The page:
(CN) — Elizabeth Holmes continued testimony in her fraud trial Monday in federal court in San Jose, continuing what figures to be the most pivotal and dramatic phase of the trial that began in early September.
Holmes, calm and poised on the stand, detailed how Theranos engaged in contracts with various pharmaceutical companies from 2006 to 2009 to test its technology that attempted to transform the blood testing industry and revolutionize an important quarter of health care.
“We thought this was a really big idea,” Holmes said at one point during her testimony. “Robots in a traditional lab had not been miniaturized to run in a device that could be put at the point of care.”
Holmes wore a blue dress with a black blazer, removed her mask after an hour and a half delay and gave testimony that appears intended to lay a foundation that the ubiquitous Pfizer document referred to repeatedly throughout the trial may have not been fraud after all.
“Did you think about doing work with Pfizer in 2010 and beyond?” Downey asked his client Holmes near the end of Monday’s testimony.
“Yes,” she said.
The timeline is important because Dr. Shane Weber, a former executive with Pfizer, testified earlier in the trial that he was the large pharmaceutical company’s liaison with Theranos in 2008, when the two companies contemplated partnering for a clinical trial.
Holmes said that Pfizer wanted to test the efficacy of a drug using Theranos’ system of blood analysis, but did not discontinue a relationship with Theranos due to any concern over the inaccuracy of tests.
“Pfizer decided not to pursue the drug, because it acquired other drugs through companies it bought,” Holmes said.
So Pfizer abandoned the relationship not because Theranos technology wasn’t up to snuff, according to Holmes, but because it intended to test different drugs by different means.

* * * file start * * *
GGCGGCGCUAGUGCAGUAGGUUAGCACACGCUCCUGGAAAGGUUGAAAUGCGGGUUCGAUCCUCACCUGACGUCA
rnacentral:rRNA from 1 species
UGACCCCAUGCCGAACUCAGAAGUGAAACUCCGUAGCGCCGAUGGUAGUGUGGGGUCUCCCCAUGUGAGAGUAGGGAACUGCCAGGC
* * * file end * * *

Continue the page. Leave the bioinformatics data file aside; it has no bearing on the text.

Holmes said conversations with Pfizer continued even into 2015, when rumblings about Theranos’s accuracy issues first began to surface.
“Did you continue to interact in 2015?” Downey asked.
“We did,” Holmes responded politely.
The issue is so important because the government has accused Holmes of creating an internally produced document and then interposing a Pfizer logo on it to make it appear as though it was third-party corroboration of Theranos’ efficacy.
If instead, Theranos was simply placing the logos of pharmaceutical companies with whom it had conducted business, there are fewer grounds for outright fraud. However, if Holmes did indeed fake a document to swindle potential investors, as the government claims, Holmes could get convicted.
Theranos conducted major trials with the Mayo Clinic, with Merck, Bristol Meyers Squibb and other major companies, as well.
“Did the trials validate the Theranos system?” Downey asked.
“It did,” Holmes said.
The fact that Holmes is still willing to stand by the technology she developed from 2003 to 2009 is bad for the government’s case, particularly as Holmes and her lawyers are saying that Theranos was an example of business failure not fraud.
But the timeline has yet to catch up to the period when Holmes and her business partner Sunny Balwani began painting a rosy picture for investors when the viability of their technology was in question. That period began in earnest in 2010 and accelerated through 2013.
Even if Downey avoids questions about the tempestuous time, government prosecutors will ask Holmes about the Pfizer document, about her claims regarding financials that appear exaggerated, about whether or not she lied about obtaining defense contracts and other aspects of the trial that provide the foundation for government claims of fraud.
How Holmes fares in answering those questions will likely go a long way in determining whether she is spending time in federal prison this time next year.
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